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The Effect of Cycloplegia on the Lenstar and the IOLMaster Biometry

Huang, Jinhai*; McAlinden, Colm; Su, Binbin*; Pesudovs, Konrad; Feng, Yifan*; Hua, Yanjun*; Yang, Feng*; Pan, Chao*; Zhou, Huyong*; Wang, Qinmei*

doi: 10.1097/OPX.0b013e3182772f4f
ORIGINAL ARTICLES
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Purpose To evaluate the effect of cycloplegia on ocular biometry measurements and intraocular lens (IOL) power calculation using the Lenstar LS900 (Haag-Streit AG, Koeniz, Switzerland) and the IOLMaster (Carl Zeiss Meditec AG, Jena, Germany) biometers and to assess the agreement between the devices.

Methods Measurements were taken with the Lenstar and the IOLMaster on 43 healthy volunteers with a mean age of 22.1 ± 4.7 years (range, 18 to 37 years). Axial length (AL), anterior chamber depth (ACD), corneal curvature, and horizontal iris width (white-to-white [WTW]) measurements were performed with and without cycloplegia. The IOL powers were calculated using four formulas: Sanders-Retzlaff-Kraff/Theoretical, Holladay 1, Hoffer Q, and Haigis.

Results Cycloplegia had no significant effect on AL or corneal curvature. However, ACD and WTW significantly increased postcycloplegia (Lenstar, 0.09 ± 0.06 mm and 0.10 ± 0.17 mm, respectively; IOLMaster, 0.06 ± 0.07 mm and 0.43 ± 0.35 mm, respectively; p <0.001). The Lenstar AL measurements were statistically but not clinically significantly longer than those of the IOLMaster (precycloplegia, 0.03 ± 0.03 mm; postcycloplegia, 0.02 ± 0.03 mm; p < 0.001). For ACD measurements, the 95% limits of agreement were −0.19 to 0.20 mm without cycloplegia and −0.11 to 0.17 mm with cycloplegia. The 95% limits of agreement for WTW measurements were −1.07 to 0.45 mm with cycloplegia. The only significantly different IOL power precycloplegia and postcycloplegia was with the Haigis formula and the Lenstar measurements: 15.12 ± 3.87 diopters and 15.26 ± 3.92 diopters (p < 0.01).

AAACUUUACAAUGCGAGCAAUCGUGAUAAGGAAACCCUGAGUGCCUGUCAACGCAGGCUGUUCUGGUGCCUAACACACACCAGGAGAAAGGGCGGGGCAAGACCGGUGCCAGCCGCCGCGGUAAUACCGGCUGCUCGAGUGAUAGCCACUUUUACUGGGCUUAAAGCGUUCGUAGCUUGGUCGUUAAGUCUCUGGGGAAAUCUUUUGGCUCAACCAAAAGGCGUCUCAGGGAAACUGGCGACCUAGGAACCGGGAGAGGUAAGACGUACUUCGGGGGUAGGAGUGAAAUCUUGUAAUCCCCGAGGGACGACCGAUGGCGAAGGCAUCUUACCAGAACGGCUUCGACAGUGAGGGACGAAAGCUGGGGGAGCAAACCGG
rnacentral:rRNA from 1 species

Conclusions Cycloplegia affected ACD and WTW but not AL or corneal curvature measurements. Generally, good agreement was found between the Lenstar and the IOLMaster, although not for WTW. Differences between these devices do not produce a clinically significant impact on IOL power.

*MD

PhD

School of Optometry and Ophthalmology and Eye Hospital, Wenzhou Medical College, Key Laboratory of Vision Science, Ministry of Health P.R. China, Wenzhou, Zhejiang, China (JH, BS, YF, YH, FY, CP, HZ, QW); and National Health and Medical Research Council Centre for Clinical Eye Research, Department of Optometry and Vision Science, Flinders Medical Centre and Flinders University of South Australia, Bedford Park, South Australia, Australia (CMA, KP).

Qinmei Wang Eye Hospital Wenzhou Medical College 270 West Xueyuan Rd Wenzhou Zhejiang 325027 China e-mail: wqm6@mail.eye.ac.cn

© 2012 American Academy of Optometry